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The Average Function in Excel
In section 6, we're going to look at some slightly more complex formulas than the simple operators. In fact the formulas in this section are not really formulas at all. They are Functions. Don't be put off by the name. A Function is just something to help you calculate. You've already met the SUM() function. The ones in this section are just some more of the functions built in to Excel. We will explore averages, date and time formulas, and one or two financial formulas. It might get a bit tricky, so hold on to your hats!
AveragesWe'll make a start with averages. First, what is in an average? In maths, an average is a number derived by dividing how many there are in a list by the list total. For example, suppose a list of student scores in an exam was this: 9, 7, 6, 7, 8, 4, 3, 9. We only have eight scores. To get the average score we first need to get the total. So add up the numbers in the list: 9 + 7 + 6 + 7 + 8 + 4 + 3 + 9 = 53. Next divide by how many there are in the list: 8. So to get the average score the sum is 53 divided by 8. The answer is 6.625. Which means that the average score in the exam was 6.625. Once we have an average figure we can see at a glance which students are performing above average, and which below. Clearly, the poor student who scored only 3 needs some extra homework! So now that you know what an average is, how do you calculate averages
with Excel? Well, start a new spreadsheet and enter those exams scores
in cells A1 to A8. Your spreadsheet will look like the one below:
There are a couple of ways to insert a function. Method 1 Click on the equals sign next to the formula bar. This is the Edit formula button, and can be seen in the picture below: When you click the equals button, you'll see a palette appear just under the Name box and Formula bar. It will look like the one below: There are one or two things to notice about the Formula palette. First look in cell A9. There is an equals sign in it. Excel has entered this because all formulas and functions must start with this symbol, and it knows that it's easy to forget to put an equals sign in. So it does it for you. The next thing to notice is that the Name box says "Sum". There is a black downpointing arrow to the right of "Sum". Clicking on the arrow will reveal a list of Functions. The one we want is there. So click on Average with your left mouse button. The palette changes to this rather complicated one: Excel does a few things here: shows you what Function it is putting in the Formula bar at the top (=Average(A1:A8); gives you a list of the values in your cells (in brackets after the Number1 text area); gives you the result (at the bottom "Formula result = "). But don't worry if you're scratching your head over that dialogue box. Just click the OK button at the bottom. The palette closes, and Excel inserts the result of the average in cell A9.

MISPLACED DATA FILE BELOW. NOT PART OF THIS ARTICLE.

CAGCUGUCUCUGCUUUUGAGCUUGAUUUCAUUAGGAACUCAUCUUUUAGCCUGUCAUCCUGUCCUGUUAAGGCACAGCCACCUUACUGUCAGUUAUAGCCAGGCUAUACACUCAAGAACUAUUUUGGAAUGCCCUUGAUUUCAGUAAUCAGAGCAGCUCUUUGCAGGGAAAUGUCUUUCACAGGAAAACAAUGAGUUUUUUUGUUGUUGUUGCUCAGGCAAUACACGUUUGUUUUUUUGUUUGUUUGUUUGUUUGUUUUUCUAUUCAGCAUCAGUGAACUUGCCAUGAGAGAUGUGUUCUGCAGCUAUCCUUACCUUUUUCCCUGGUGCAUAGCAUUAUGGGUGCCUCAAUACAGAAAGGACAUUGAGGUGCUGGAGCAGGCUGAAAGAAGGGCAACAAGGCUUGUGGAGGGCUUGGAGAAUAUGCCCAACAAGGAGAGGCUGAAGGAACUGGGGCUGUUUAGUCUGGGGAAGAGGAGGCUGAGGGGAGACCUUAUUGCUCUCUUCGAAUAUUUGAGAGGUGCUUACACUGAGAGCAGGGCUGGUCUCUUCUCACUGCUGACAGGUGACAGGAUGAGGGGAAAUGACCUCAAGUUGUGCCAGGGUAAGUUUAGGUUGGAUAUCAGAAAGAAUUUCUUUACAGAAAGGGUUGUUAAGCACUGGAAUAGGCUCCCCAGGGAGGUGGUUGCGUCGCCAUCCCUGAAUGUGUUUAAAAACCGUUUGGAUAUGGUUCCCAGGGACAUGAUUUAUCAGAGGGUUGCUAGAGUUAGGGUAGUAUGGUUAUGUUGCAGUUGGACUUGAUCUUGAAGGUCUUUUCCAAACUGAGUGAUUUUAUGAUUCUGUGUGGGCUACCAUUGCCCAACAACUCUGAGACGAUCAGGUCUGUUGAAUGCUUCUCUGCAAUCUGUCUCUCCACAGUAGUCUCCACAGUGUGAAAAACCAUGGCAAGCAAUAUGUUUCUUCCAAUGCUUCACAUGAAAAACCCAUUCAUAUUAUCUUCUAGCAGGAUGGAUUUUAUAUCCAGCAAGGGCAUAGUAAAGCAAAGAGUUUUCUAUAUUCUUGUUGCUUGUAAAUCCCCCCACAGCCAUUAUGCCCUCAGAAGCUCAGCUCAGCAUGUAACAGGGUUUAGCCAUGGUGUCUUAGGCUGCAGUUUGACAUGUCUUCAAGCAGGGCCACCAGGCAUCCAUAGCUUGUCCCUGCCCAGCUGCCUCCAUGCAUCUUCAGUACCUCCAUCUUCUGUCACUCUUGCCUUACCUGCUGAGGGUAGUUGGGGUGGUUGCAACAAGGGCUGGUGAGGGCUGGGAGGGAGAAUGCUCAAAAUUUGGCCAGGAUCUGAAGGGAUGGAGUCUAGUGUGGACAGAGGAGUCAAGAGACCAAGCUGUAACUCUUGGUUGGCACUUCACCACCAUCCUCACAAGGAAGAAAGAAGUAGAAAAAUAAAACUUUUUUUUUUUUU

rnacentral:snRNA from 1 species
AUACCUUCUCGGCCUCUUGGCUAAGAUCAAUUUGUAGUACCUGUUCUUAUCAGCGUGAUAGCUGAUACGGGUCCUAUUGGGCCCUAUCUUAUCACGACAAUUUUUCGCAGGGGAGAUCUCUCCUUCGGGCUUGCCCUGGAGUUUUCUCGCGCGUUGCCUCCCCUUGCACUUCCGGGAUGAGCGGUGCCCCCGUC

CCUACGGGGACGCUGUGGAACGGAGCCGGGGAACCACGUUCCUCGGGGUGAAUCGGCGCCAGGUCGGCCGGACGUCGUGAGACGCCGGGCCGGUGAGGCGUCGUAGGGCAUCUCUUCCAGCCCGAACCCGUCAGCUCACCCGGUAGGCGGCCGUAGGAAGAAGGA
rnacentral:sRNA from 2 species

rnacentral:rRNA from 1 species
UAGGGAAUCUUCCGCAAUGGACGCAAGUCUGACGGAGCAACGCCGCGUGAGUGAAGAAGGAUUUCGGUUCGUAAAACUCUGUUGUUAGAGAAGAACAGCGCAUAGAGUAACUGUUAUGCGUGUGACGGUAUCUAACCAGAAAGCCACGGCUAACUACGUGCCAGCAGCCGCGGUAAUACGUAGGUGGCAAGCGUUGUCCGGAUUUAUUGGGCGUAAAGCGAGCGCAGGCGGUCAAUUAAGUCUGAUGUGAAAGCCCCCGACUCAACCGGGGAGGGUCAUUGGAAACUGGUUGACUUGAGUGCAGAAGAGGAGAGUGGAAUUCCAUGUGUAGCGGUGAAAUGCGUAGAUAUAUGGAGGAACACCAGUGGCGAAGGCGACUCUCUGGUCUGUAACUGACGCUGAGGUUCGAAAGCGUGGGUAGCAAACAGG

Method 2 The second way to enter a Function is this:
This dialogue box is a listing of all the Functions built in to Excel. The Average function is under Statistical.
But what if Excel has the wrong cell references for your Average? Is there any way you can edit the Functions? Yes, there is. Try this: Click in cell B9 of your spreadsheet. Use one of the methods outlined to bring up the formula palette. Your spreadsheet will now look like this: This time the formula bar just reads =Average(A9). You can edit the function by clicking inside the formula bar at the top. Change A9 to A1:A8 and the click the OK button. Of course, you don't need to use the formula palette at all. You could just enter the Function directly, just like you did with the Sum() function, or any other formula: click on the cell where you want the answer to appear. Then click inside the formula bar. Enter =Average(A1:A9) and press the return key on your keyboard. The advantage of using the formula palette is that Excel enters the correct function for you. It's very easy to make a typing error if you do it yourself, and then get an enigmatic error message for your troubles. OK, time for an exercise.
Exercise